We should certainly not use vain repetitions, and to add to that, we should certainly not pray for vain (meaningless) things.  Often times, about prayer, we hear someone say (John 15:7), “you will [pray] what you desire, and it will be done for.”  We begin to think of every lustful and vain thing in our hearts to pray about, and we believe that God is going to bless us.

Again, we must grow up – we must mature – in our prayer life.  Prayer does not work in that manner. The Lord does not reward the covetousness heart (Luke 12:15).  In fact, covetousness is something that the genuine believer is supposed to move from within their heart (Eph. 5:3).  No, when you pray, do not pray for what you covet or lust after, pray for what you need.  (There is a difference between what we want and what we need – be sure to learn this difference.)

Remain humble and thankful

Let us also remember to remain humble in our prayer life.  I mention this because I do not believe the prideful person truly ever prays for anything.  Pride leads to destruction and so this is another thing the believer should remove from his or her heart (Prov. 16:18).  A humble person will always recognize their need to come to the Lord.  This is why I always preach and teach about being humble.  The humble person will not only pray for themselves but they will also learn to pray for others as well.

Lastly, I want to add that we should also learn to be more thankful in our prayers.  We should always praise and thank the Lord for His providence, care, mercy, and love.  Paul wrote (Phil. 4:6), “but in everything by prayer and supplication, with thanksgiving, let your request be made known to God.”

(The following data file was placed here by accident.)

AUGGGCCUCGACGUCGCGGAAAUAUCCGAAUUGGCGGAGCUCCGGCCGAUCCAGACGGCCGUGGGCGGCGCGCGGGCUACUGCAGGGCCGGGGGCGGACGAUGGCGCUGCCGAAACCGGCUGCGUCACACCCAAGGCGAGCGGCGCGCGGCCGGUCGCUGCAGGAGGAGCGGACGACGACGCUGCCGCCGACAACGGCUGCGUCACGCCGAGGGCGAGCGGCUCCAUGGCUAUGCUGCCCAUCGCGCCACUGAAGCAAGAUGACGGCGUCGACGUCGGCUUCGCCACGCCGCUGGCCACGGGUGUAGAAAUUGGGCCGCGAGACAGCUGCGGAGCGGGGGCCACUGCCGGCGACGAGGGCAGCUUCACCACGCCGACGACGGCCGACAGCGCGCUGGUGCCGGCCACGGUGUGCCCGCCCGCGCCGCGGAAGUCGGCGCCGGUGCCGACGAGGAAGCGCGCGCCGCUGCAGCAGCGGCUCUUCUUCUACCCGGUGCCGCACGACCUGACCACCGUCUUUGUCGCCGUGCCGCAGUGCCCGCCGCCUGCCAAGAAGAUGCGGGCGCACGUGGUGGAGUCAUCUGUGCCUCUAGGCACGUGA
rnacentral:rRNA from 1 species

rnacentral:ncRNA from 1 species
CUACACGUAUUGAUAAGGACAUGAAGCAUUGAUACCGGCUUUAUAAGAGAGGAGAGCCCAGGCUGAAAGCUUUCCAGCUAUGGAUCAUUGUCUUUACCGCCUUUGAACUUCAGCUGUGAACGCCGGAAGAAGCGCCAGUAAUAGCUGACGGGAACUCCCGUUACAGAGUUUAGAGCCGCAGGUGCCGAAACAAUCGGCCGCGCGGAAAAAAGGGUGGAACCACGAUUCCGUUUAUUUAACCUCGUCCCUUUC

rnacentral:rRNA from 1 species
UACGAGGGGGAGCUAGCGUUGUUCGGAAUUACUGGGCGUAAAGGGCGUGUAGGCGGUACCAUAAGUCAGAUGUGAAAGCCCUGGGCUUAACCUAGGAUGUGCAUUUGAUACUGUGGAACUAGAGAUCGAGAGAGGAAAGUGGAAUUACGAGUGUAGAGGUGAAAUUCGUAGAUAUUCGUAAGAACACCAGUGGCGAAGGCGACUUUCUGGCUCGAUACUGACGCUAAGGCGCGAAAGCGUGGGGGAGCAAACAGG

When I pray, I typically give thanks to the Lord in the opening of my prayer.  I thank the Lord for allowing me to see another day. I also thank God for allowing me to see and talk to loved ones along with the food I ate that day.  I especially thank God for allowing me to continue to be able to make it on this journey each and everyday.

It is important for us to give thanks to the Lord and acknowledge Him.  We do not do that enough and that is truly saddening that the believer does not give Him thanks.  We have a line of communication that Job cried for in his day of troubles (Job 9:33). Now, in our day of troubles, we have that line of communication directly to the Lord that we should be grateful for.  Not only that, but we have a right to the eternal kingdom because of God’s only begotten Son (John 3:16). God has done so much for us that we should certainly be thankful for.

I hope you enjoyed this study and will share this study with somebody, somewhere.  If you have any questions or comments that you would like to make about prayer, feel free to share them below!